The US television networks and major news websites have started displaying countdown clocks. With all the drama of an episode of MacGyver, the Eighties action series, President Barack Obama is sweating to defuse the ticking timebomb primed to rip through financial markets one week from now. That is when the government of the world's most powerful economy will run out of money to pay its bills, for the entirely self-inflicted reason that its Congress hasn't raised an arbitrary legal limit on the size of the federal debt.
The plot is exactly as predictable as MacGyver, too. The debt ceiling will be lifted, one way or another, but only with seconds to spare. This is the way of things in the land of the free and the home of cowardly lawmakers; only a threat of Armageddon rouses lawmakers to unpalatable decisions. The irritating thing yesterday was that credit markets refused to play their role. They are supposed to provide the dramatic music, the drum roll of collapsing share prices and soaring interest rates, to elevate the tension in its concluding phase.
But the stock market was flat at lunchtime, even as President MacGyver seemed as far away as ever from corralling his sidekicks into a team effort that will defuse the situation. The yield on Treasuries, though it spiked a little in the morning, was back to flat by lunchtime trading in New York. Congressional leaders have been privately praying for a tumultuous week on the markets, to concentrate the minds of the deniers on the right who doubt the US will default if the ceiling is not raised and to send a message back home to their constituencies that, hey, what else was there to do but vote for a raise?
Unfortunately, this episode doesn't end when the credits roll. Both Standard & Poor's and Moody's have said they will factor the nature of the process, as well as the outcome, into their decisions on whether to downgrade US government debt. S&P even says that, if there is no immediate, or no immediate prospect of a $4trn (£2.45trn) deficit reduction deal to go along with the debt ceiling raise, then it will axe the country's AAA credit rating – and the consequences of that are impossible to calculate.
President MacGyver and his Congressional colleagues may defuse the ticking timebomb, only to find the explosion happens anyway.
Getting the measure of online statistics
There are lies, damned lies and online measurements. The spat between Research in Motion and comScore over just how many UK residents are using BlackBerrys, which we report today, is par for the course in the infuriatingly slippery work to pin down our modern technology habits.
This is hardly the first and hardly the worst example of a discrepancy between comScore and the reality it purports to measure. This time last year, a tweak to the research firm's methodology sent Hulu, the US internet TV service, plunging from No 2 to No 10 on the league table of online video services. Before that, Yahoo lodged a formal complaint that the firm had under-reported its monthly page views by a full one billion.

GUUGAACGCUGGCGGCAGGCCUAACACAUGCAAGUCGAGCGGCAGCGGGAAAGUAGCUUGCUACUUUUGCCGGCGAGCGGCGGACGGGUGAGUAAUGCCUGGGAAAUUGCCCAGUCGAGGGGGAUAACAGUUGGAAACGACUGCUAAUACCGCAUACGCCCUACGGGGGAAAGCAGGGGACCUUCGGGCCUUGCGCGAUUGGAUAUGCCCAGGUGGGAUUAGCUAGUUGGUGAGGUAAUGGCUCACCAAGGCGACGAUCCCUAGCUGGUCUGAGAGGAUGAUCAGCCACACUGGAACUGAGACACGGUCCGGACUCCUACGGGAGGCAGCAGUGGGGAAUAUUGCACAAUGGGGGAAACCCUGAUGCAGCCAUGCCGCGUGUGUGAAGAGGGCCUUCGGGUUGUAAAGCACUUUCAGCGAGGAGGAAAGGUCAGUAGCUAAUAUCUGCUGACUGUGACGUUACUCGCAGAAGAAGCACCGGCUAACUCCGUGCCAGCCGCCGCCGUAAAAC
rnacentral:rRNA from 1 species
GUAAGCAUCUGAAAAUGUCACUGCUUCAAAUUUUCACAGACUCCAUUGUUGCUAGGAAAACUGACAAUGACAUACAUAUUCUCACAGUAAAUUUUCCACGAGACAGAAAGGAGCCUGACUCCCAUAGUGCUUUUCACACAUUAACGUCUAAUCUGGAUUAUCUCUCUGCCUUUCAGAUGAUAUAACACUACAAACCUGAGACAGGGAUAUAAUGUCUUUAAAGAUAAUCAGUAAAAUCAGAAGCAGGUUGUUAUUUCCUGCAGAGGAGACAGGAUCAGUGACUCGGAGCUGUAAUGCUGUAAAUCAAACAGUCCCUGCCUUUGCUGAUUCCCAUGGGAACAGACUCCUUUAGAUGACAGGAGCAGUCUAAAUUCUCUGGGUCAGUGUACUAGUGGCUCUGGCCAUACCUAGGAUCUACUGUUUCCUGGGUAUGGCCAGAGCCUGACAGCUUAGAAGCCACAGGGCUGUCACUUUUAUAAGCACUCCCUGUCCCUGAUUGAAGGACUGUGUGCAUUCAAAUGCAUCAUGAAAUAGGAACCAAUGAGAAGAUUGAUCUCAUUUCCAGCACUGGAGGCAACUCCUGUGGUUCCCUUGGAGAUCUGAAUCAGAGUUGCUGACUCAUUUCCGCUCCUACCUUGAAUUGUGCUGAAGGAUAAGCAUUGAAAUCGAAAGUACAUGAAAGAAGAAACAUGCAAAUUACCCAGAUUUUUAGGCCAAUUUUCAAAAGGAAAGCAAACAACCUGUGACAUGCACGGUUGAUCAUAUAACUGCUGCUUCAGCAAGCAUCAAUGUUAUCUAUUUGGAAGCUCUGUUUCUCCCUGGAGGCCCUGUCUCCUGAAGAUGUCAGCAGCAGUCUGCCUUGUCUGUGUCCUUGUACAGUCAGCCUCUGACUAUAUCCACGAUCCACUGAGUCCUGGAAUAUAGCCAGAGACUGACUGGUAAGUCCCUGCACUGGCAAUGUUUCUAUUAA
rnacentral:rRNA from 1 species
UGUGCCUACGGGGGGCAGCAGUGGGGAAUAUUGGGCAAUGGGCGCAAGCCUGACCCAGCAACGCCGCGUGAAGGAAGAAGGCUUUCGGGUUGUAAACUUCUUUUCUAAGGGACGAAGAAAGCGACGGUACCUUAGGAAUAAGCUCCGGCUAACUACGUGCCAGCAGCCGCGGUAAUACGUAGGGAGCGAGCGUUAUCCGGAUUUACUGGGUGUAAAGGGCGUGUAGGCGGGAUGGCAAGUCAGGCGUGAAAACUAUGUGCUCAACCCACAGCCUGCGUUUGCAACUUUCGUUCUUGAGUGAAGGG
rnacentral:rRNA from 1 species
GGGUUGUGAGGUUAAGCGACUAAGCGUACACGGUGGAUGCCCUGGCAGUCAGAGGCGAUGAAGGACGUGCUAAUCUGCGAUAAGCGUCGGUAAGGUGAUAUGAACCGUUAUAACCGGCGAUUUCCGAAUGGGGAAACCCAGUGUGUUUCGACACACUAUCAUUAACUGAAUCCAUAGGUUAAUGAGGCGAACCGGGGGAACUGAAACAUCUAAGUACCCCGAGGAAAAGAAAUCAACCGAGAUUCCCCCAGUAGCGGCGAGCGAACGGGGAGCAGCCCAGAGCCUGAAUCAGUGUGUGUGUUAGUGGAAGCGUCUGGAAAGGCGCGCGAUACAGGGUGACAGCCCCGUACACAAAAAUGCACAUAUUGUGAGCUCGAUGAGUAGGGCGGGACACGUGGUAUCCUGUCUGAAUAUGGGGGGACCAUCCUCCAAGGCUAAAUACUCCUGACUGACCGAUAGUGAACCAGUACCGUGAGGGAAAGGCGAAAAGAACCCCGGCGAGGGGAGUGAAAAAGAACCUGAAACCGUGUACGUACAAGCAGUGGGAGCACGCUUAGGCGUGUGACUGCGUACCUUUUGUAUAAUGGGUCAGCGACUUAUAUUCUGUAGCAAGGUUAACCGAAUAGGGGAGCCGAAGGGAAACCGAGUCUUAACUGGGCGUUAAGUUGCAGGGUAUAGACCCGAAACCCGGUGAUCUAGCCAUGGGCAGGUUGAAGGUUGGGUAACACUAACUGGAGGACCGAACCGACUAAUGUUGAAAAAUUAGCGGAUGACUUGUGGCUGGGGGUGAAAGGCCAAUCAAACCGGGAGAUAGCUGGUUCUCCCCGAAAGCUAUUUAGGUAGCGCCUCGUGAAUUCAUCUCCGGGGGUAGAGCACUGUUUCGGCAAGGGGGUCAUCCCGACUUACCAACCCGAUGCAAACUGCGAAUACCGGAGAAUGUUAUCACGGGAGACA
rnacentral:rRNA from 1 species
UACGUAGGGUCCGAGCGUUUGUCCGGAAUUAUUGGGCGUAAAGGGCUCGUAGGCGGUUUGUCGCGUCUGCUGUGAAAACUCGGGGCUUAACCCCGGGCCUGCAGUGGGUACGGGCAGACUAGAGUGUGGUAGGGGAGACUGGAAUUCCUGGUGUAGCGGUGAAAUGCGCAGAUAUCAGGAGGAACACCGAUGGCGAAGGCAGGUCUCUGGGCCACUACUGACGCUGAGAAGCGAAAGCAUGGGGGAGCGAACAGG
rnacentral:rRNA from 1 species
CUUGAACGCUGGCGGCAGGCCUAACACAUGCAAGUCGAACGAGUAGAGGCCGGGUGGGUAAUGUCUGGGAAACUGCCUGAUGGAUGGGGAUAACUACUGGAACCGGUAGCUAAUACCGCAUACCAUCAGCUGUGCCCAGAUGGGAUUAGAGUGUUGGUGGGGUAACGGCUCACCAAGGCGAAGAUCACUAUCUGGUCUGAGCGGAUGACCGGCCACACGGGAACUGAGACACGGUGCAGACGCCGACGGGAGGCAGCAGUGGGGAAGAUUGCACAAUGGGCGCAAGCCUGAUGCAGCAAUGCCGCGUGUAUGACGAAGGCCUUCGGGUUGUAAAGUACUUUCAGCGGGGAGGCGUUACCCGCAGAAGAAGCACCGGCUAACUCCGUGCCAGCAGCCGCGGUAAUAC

It is four years since an exasperated IAB, an advertising industry lobby group, fired off a furious letter to the chief executives of comScore and its rival Nielsen demanding they get their act together. Websites have complained for years that their internal figures – numbers they know to be accurate – often differ wildly from the estimates of the measurement firms' survey data. The advent of online video, which may or may not fully load, and which users may or may not watch to the end, has only made the technical challenges of measuring harder. And without agreed-upon, standardised metrics, advertisers have even less to go on when they are trying to guess what to pay for these newfangled online opportunities.
Progress is being made. ComScore and Nielsen have submitted to audits by an external rating council, and there is lots of talk of collaboration on projects such as Making Measurement Make Sense, an ad industry-led standardisation effort.
But a paradox remains. In an age where the exact numbers of people visiting a website, the exact number of pages and the exact amount of time they spend there can all be measured by the site, we are trying to improve a system based on intermediaries who sample a small number of internet users. That might be the best we can do for measuring television and radio, but when it comes to online measurement, comScore and its ilk could be disintermediated. Better to have websites and online platforms publish their own data in standardised form, and audit that.
Yorkshire could revive the rotten Egg brand
The great Yorkshire Building Society roll-up of unloved, devalued or collapsing financial brands continues, with the addition of the one-time internet sensation Egg to its portfolio. As well as the $430m (£263.8m) mortgage book and $2.5bn in savers' deposits, Yorkshire also snaps up the Egg brand, an asset of sorts that Barclays, when it acquired Egg's credit card book in March, declined to buy.
Egg's new northern owners say they have not decided what, if anything, to do with the brand. In previous acquisitions, they have tiptoed around southern sensibilities and promised to keep existing names, from Chelsea to Norwich & Peterborough, above the door at their bricks and mortar branches. It is to be hoped that they stick to that pattern and incubate, rather than smash, the Egg brand.
Although it has been passed from uncaring owner to uncaring owner, and has devalued itself along the way with rotten public relations moves such as dumping unprofitable customers, it still has the potential it had when the idea was first hatched. With a bit of marketing money behind it, it could once again become a powerful, and youthful, internet banking brand. Let's see Yorkshire go to work on Egg.
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